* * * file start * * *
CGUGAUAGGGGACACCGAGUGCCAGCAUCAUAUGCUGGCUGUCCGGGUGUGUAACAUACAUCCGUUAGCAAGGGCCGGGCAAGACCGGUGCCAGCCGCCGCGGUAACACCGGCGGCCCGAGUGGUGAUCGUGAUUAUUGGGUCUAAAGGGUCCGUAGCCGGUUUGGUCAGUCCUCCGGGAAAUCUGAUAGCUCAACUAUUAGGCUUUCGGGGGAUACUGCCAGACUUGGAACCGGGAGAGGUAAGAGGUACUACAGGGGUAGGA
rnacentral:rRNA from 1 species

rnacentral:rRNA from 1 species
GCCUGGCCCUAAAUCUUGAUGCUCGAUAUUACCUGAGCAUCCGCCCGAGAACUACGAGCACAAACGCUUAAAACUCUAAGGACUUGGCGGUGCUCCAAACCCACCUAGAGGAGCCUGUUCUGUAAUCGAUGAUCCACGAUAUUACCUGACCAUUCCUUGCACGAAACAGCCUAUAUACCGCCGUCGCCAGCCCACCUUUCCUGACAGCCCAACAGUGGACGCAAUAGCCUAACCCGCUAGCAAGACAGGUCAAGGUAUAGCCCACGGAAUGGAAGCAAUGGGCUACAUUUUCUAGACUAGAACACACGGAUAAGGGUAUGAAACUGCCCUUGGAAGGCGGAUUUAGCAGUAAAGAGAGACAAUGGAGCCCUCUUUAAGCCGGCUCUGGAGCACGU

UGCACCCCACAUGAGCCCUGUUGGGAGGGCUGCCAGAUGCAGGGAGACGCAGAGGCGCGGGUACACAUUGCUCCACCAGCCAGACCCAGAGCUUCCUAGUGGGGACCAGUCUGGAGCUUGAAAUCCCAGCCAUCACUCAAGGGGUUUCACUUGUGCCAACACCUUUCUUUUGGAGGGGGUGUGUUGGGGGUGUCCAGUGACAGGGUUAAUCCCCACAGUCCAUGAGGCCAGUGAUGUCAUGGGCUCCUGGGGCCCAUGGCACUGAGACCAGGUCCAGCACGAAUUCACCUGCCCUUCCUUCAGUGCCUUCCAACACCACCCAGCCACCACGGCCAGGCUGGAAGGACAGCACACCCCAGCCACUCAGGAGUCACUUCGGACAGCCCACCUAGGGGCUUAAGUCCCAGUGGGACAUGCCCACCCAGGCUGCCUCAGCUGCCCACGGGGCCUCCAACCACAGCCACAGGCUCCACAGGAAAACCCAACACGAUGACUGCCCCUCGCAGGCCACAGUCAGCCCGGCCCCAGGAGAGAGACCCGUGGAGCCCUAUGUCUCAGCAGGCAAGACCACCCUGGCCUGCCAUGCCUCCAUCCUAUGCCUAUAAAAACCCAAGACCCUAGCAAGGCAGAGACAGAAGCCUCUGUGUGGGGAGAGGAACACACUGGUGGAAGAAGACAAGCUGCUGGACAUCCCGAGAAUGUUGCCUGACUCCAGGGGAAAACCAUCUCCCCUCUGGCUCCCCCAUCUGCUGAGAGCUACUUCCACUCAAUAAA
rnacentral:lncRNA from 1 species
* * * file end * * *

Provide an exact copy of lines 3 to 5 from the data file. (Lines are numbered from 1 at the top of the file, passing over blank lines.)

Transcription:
rnacentral:rRNA from 1 species
GCCUGGCCCUAAAUCUUGAUGCUCGAUAUUACCUGAGCAUCCGCCCGAGAACUACGAGCACAAACGCUUAAAACUCUAAGGACUUGGCGGUGCUCCAAACCCACCUAGAGGAGCCUGUUCUGUAAUCGAUGAUCCACGAUAUUACCUGACCAUUCCUUGCACGAAACAGCCUAUAUACCGCCGUCGCCAGCCCACCUUUCCUGACAGCCCAACAGUGGACGCAAUAGCCUAACCCGCUAGCAAGACAGGUCAAGGUAUAGCCCACGGAAUGGAAGCAAUGGGCUACAUUUUCUAGACUAGAACACACGGAUAAGGGUAUGAAACUGCCCUUGGAAGGCGGAUUUAGCAGUAAAGAGAGACAAUGGAGCCCUCUUUAAGCCGGCUCUGGAGCACGU

UGCACCCCACAUGAGCCCUGUUGGGAGGGCUGCCAGAUGCAGGGAGACGCAGAGGCGCGGGUACACAUUGCUCCACCAGCCAGACCCAGAGCUUCCUAGUGGGGACCAGUCUGGAGCUUGAAAUCCCAGCCAUCACUCAAGGGGUUUCACUUGUGCCAACACCUUUCUUUUGGAGGGGGUGUGUUGGGGGUGUCCAGUGACAGGGUUAAUCCCCACAGUCCAUGAGGCCAGUGAUGUCAUGGGCUCCUGGGGCCCAUGGCACUGAGACCAGGUCCAGCACGAAUUCACCUGCCCUUCCUUCAGUGCCUUCCAACACCACCCAGCCACCACGGCCAGGCUGGAAGGACAGCACACCCCAGCCACUCAGGAGUCACUUCGGACAGCCCACCUAGGGGCUUAAGUCCCAGUGGGACAUGCCCACCCAGGCUGCCUCAGCUGCCCACGGGGCCUCCAACCACAGCCACAGGCUCCACAGGAAAACCCAACACGAUGACUGCCCCUCGCAGGCCACAGUCAGCCCGGCCCCAGGAGAGAGACCCGUGGAGCCCUAUGUCUCAGCAGGCAAGACCACCCUGGCCUGCCAUGCCUCCAUCCUAUGCCUAUAAAAACCCAAGACCCUAGCAAGGCAGAGACAGAAGCCUCUGUGUGGGGAGAGGAACACACUGGUGGAAGAAGACAAGCUGCUGGACAUCCCGAGAAUGUUGCCUGACUCCAGGGGAAAACCAUCUCCCCUCUGGCUCCCCCAUCUGCUGAGAGCUACUUCCACUCAAUAAA